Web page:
Owning a car is awesome. The process of buying one, on the other hand, can be a challenging and frustrating ordeal. However, here are a few tools you can take with while shopping for a used car that will make it easier to pick a winner and ensure you get a good deal on the vehicle.
Car Value App
Negotiating a good price on a vehicle requires you to have an understanding of how much the vehicle is worth. If you're like most people, though, you probably don't know how to properly evaluate the market value of a used car. One helpful tool that can give you an edge in negotiations is a car valuation app that uses information from trusted industry sources to provide a reasonable estimate of a particular vehicle's value.
The two most well-known companies in this area both have apps you can download to your smartphone. Each of these apps lets you look up a particular make and model car and give you the market value based on its condition. These apps can help you save time by providing you with a starting point for negotiations with a salesperson right there on the lot (as opposed to having to go home to do the research).
Both apps also connect you to car reviews by people who currently own similar vehicles, which can provide additional helpful information such as the car's reliability and how well it drives. These reviews can help you avoid purchasing a vehicle that may be more trouble to own than it's worth.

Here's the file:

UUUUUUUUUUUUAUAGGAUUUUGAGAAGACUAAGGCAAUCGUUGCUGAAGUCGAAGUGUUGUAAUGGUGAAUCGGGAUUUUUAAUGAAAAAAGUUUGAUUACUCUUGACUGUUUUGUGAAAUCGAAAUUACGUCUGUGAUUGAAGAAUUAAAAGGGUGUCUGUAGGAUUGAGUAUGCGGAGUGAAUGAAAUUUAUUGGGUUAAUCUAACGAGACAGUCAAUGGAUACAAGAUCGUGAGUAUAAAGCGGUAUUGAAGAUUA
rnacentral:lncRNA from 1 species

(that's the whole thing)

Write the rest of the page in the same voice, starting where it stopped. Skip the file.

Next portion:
Vehicle History Report App
Another mobile app to have with you when you're car shopping is one that provides a detailed report of the car's history. These apps use the vehicle identification number (VIN) to obtain critical information about the car such as its title history, reported accidents, outstanding liens, and even maintenance and repairs performed on the vehicle (e.g. oil changes).
Most car dealerships disclose all relevant details about vehicles upfront so you have the information you need to make a good decision. However, the same can't be said if you're purchasing the car from a private owner. Additionally, having access to the vehicle report can help you confirm what the salesperson says for your own piece of mind.
Be aware that, though many of these vehicle report apps are free, there may be a charge for each car history report you request. Therefore, you may only want to use this tool on cars you're seriously considering purchasing.
Dealerships typically inspect and repair used vehicles before putting them on the lot. Still, it's a good idea to have the car inspected by an independent mechanic before you purchase it. A mechanic can let you know about any current or potential issues with the vehicle, which can help better prepare you for ownership and/or provide some leverage during negotiations.
Unfortunately, unless you have a mechanic friend who will happily spend all day car shopping with you, having an independent mechanic look at the vehicle before you buy it isn't always a feasible option. One thing that can help you in this area is an inspection checklist.
These forms feature a list of things to check when inspecting the vehicle. For example, there will typically be a section about what to look for when examining the engine. Even if you don't know a thing about cars, using an inspection checklist can help you eliminate vehicles that have obvious problems.
Once you have selected a vehicle to purchase, inquire about the dealership's return policy. If you're allowed to return the vehicle with a certain period of time, take the car to be looked over by a mechanic and be prepared to exchange the vehicle for something else if expensive problems are found.
For more information about helpful car shopping tools or assistance with buying your next used car, connect with a dealership in your area or a site like http://www.upicksave.com.